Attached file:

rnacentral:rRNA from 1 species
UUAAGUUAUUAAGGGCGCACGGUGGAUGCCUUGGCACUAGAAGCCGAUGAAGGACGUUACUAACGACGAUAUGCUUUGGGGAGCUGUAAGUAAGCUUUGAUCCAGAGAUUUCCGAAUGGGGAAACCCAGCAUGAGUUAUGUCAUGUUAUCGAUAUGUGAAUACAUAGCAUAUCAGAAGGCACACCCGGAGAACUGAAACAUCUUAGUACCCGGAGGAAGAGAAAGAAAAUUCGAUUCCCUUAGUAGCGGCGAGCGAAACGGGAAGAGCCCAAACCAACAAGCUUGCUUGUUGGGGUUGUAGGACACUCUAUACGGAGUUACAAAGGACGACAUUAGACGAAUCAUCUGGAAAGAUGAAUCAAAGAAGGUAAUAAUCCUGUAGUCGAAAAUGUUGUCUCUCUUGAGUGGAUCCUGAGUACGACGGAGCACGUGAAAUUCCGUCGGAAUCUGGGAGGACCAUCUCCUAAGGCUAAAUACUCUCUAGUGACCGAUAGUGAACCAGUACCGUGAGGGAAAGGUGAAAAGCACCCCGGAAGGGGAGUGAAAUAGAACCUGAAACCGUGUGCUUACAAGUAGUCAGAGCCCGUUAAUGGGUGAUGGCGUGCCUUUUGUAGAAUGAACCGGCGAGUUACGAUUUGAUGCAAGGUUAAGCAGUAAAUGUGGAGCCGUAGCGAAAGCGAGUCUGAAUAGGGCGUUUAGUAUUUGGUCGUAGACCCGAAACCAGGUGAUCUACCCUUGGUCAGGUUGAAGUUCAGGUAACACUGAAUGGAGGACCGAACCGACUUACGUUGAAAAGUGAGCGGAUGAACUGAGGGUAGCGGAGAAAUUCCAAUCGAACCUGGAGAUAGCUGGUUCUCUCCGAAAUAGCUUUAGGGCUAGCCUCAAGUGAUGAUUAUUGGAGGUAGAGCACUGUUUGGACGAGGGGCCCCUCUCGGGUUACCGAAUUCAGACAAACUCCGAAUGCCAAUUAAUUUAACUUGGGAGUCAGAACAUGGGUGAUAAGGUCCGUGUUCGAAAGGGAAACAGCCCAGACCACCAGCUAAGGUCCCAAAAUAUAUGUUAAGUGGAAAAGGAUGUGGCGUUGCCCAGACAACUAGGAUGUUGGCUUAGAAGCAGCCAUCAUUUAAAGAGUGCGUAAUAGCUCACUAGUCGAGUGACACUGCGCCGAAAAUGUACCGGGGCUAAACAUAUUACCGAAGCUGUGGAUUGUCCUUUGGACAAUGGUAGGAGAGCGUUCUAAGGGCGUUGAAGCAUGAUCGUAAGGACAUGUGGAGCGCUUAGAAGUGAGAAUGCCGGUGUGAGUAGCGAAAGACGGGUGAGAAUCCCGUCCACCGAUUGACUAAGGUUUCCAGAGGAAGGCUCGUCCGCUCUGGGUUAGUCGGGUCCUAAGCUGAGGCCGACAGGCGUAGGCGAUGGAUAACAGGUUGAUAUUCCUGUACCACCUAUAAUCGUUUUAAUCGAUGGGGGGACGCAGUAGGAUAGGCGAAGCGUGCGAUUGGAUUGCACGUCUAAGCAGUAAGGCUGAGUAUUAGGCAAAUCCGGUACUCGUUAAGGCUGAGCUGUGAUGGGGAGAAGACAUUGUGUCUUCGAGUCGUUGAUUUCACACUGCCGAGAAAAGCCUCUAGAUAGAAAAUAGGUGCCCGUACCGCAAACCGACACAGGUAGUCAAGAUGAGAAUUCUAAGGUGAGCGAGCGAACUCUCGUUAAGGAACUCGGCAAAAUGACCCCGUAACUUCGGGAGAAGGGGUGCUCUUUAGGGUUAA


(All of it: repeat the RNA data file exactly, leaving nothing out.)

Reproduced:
rnacentral:rRNA from 1 species
UUAAGUUAUUAAGGGCGCACGGUGGAUGCCUUGGCACUAGAAGCCGAUGAAGGACGUUACUAACGACGAUAUGCUUUGGGGAGCUGUAAGUAAGCUUUGAUCCAGAGAUUUCCGAAUGGGGAAACCCAGCAUGAGUUAUGUCAUGUUAUCGAUAUGUGAAUACAUAGCAUAUCAGAAGGCACACCCGGAGAACUGAAACAUCUUAGUACCCGGAGGAAGAGAAAGAAAAUUCGAUUCCCUUAGUAGCGGCGAGCGAAACGGGAAGAGCCCAAACCAACAAGCUUGCUUGUUGGGGUUGUAGGACACUCUAUACGGAGUUACAAAGGACGACAUUAGACGAAUCAUCUGGAAAGAUGAAUCAAAGAAGGUAAUAAUCCUGUAGUCGAAAAUGUUGUCUCUCUUGAGUGGAUCCUGAGUACGACGGAGCACGUGAAAUUCCGUCGGAAUCUGGGAGGACCAUCUCCUAAGGCUAAAUACUCUCUAGUGACCGAUAGUGAACCAGUACCGUGAGGGAAAGGUGAAAAGCACCCCGGAAGGGGAGUGAAAUAGAACCUGAAACCGUGUGCUUACAAGUAGUCAGAGCCCGUUAAUGGGUGAUGGCGUGCCUUUUGUAGAAUGAACCGGCGAGUUACGAUUUGAUGCAAGGUUAAGCAGUAAAUGUGGAGCCGUAGCGAAAGCGAGUCUGAAUAGGGCGUUUAGUAUUUGGUCGUAGACCCGAAACCAGGUGAUCUACCCUUGGUCAGGUUGAAGUUCAGGUAACACUGAAUGGAGGACCGAACCGACUUACGUUGAAAAGUGAGCGGAUGAACUGAGGGUAGCGGAGAAAUUCCAAUCGAACCUGGAGAUAGCUGGUUCUCUCCGAAAUAGCUUUAGGGCUAGCCUCAAGUGAUGAUUAUUGGAGGUAGAGCACUGUUUGGACGAGGGGCCCCUCUCGGGUUACCGAAUUCAGACAAACUCCGAAUGCCAAUUAAUUUAACUUGGGAGUCAGAACAUGGGUGAUAAGGUCCGUGUUCGAAAGGGAAACAGCCCAGACCACCAGCUAAGGUCCCAAAAUAUAUGUUAAGUGGAAAAGGAUGUGGCGUUGCCCAGACAACUAGGAUGUUGGCUUAGAAGCAGCCAUCAUUUAAAGAGUGCGUAAUAGCUCACUAGUCGAGUGACACUGCGCCGAAAAUGUACCGGGGCUAAACAUAUUACCGAAGCUGUGGAUUGUCCUUUGGACAAUGGUAGGAGAGCGUUCUAAGGGCGUUGAAGCAUGAUCGUAAGGACAUGUGGAGCGCUUAGAAGUGAGAAUGCCGGUGUGAGUAGCGAAAGACGGGUGAGAAUCCCGUCCACCGAUUGACUAAGGUUUCCAGAGGAAGGCUCGUCCGCUCUGGGUUAGUCGGGUCCUAAGCUGAGGCCGACAGGCGUAGGCGAUGGAUAACAGGUUGAUAUUCCUGUACCACCUAUAAUCGUUUUAAUCGAUGGGGGGACGCAGUAGGAUAGGCGAAGCGUGCGAUUGGAUUGCACGUCUAAGCAGUAAGGCUGAGUAUUAGGCAAAUCCGGUACUCGUUAAGGCUGAGCUGUGAUGGGGAGAAGACAUUGUGUCUUCGAGUCGUUGAUUUCACACUGCCGAGAAAAGCCUCUAGAUAGAAAAUAGGUGCCCGUACCGCAAACCGACACAGGUAGUCAAGAUGAGAAUUCUAAGGUGAGCGAGCGAACUCUCGUUAAGGAACUCGGCAAAAUGACCCCGUAACUUCGGGAGAAGGGGUGCUCUUUAGGGUUAA